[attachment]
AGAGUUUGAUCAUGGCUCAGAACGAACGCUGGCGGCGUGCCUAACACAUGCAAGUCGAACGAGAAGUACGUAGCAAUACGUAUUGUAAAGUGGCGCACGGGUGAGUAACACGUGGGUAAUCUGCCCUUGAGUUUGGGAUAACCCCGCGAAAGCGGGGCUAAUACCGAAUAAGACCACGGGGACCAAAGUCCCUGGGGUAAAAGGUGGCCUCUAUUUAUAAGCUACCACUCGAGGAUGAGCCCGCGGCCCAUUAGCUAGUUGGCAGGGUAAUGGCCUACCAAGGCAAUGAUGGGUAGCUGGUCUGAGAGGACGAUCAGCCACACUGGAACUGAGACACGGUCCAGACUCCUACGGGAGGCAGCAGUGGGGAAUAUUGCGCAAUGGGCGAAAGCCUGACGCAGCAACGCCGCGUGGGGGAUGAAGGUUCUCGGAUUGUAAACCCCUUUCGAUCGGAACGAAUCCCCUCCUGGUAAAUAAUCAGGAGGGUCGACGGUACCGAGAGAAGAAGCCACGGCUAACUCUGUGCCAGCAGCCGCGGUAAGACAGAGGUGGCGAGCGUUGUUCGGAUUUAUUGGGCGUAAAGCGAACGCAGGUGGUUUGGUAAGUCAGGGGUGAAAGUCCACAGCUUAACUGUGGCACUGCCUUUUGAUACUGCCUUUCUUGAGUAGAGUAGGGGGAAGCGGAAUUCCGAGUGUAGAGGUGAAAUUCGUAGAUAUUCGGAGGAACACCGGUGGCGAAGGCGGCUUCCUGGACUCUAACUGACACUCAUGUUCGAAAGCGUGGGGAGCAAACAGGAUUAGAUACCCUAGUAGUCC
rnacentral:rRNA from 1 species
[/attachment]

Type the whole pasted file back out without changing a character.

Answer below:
AGAGUUUGAUCAUGGCUCAGAACGAACGCUGGCGGCGUGCCUAACACAUGCAAGUCGAACGAGAAGUACGUAGCAAUACGUAUUGUAAAGUGGCGCACGGGUGAGUAACACGUGGGUAAUCUGCCCUUGAGUUUGGGAUAACCCCGCGAAAGCGGGGCUAAUACCGAAUAAGACCACGGGGACCAAAGUCCCUGGGGUAAAAGGUGGCCUCUAUUUAUAAGCUACCACUCGAGGAUGAGCCCGCGGCCCAUUAGCUAGUUGGCAGGGUAAUGGCCUACCAAGGCAAUGAUGGGUAGCUGGUCUGAGAGGACGAUCAGCCACACUGGAACUGAGACACGGUCCAGACUCCUACGGGAGGCAGCAGUGGGGAAUAUUGCGCAAUGGGCGAAAGCCUGACGCAGCAACGCCGCGUGGGGGAUGAAGGUUCUCGGAUUGUAAACCCCUUUCGAUCGGAACGAAUCCCCUCCUGGUAAAUAAUCAGGAGGGUCGACGGUACCGAGAGAAGAAGCCACGGCUAACUCUGUGCCAGCAGCCGCGGUAAGACAGAGGUGGCGAGCGUUGUUCGGAUUUAUUGGGCGUAAAGCGAACGCAGGUGGUUUGGUAAGUCAGGGGUGAAAGUCCACAGCUUAACUGUGGCACUGCCUUUUGAUACUGCCUUUCUUGAGUAGAGUAGGGGGAAGCGGAAUUCCGAGUGUAGAGGUGAAAUUCGUAGAUAUUCGGAGGAACACCGGUGGCGAAGGCGGCUUCCUGGACUCUAACUGACACUCAUGUUCGAAAGCGUGGGGAGCAAACAGGAUUAGAUACCCUAGUAGUCC
rnacentral:rRNA from 1 species